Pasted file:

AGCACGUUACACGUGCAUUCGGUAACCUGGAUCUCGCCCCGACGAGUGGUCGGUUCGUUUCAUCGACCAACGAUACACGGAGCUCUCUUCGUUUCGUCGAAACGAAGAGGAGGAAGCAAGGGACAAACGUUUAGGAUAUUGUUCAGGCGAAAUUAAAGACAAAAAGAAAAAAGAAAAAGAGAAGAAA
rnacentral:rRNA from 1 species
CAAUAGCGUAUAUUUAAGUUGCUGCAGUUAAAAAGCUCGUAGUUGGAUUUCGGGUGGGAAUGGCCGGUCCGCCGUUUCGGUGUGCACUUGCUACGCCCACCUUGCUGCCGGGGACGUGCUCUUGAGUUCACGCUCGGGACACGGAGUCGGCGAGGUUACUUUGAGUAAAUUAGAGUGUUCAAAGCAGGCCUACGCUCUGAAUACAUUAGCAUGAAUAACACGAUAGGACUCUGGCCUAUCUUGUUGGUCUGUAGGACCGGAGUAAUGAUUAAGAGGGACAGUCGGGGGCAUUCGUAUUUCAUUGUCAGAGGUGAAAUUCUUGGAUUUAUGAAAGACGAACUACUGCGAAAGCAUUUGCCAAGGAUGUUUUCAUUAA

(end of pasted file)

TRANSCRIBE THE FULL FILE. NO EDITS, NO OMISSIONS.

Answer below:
AGCACGUUACACGUGCAUUCGGUAACCUGGAUCUCGCCCCGACGAGUGGUCGGUUCGUUUCAUCGACCAACGAUACACGGAGCUCUCUUCGUUUCGUCGAAACGAAGAGGAGGAAGCAAGGGACAAACGUUUAGGAUAUUGUUCAGGCGAAAUUAAAGACAAAAAGAAAAAAGAAAAAGAGAAGAAA
rnacentral:rRNA from 1 species
CAAUAGCGUAUAUUUAAGUUGCUGCAGUUAAAAAGCUCGUAGUUGGAUUUCGGGUGGGAAUGGCCGGUCCGCCGUUUCGGUGUGCACUUGCUACGCCCACCUUGCUGCCGGGGACGUGCUCUUGAGUUCACGCUCGGGACACGGAGUCGGCGAGGUUACUUUGAGUAAAUUAGAGUGUUCAAAGCAGGCCUACGCUCUGAAUACAUUAGCAUGAAUAACACGAUAGGACUCUGGCCUAUCUUGUUGGUCUGUAGGACCGGAGUAAUGAUUAAGAGGGACAGUCGGGGGCAUUCGUAUUUCAUUGUCAGAGGUGAAAUUCUUGGAUUUAUGAAAGACGAACUACUGCGAAAGCAUUUGCCAAGGAUGUUUUCAUUAA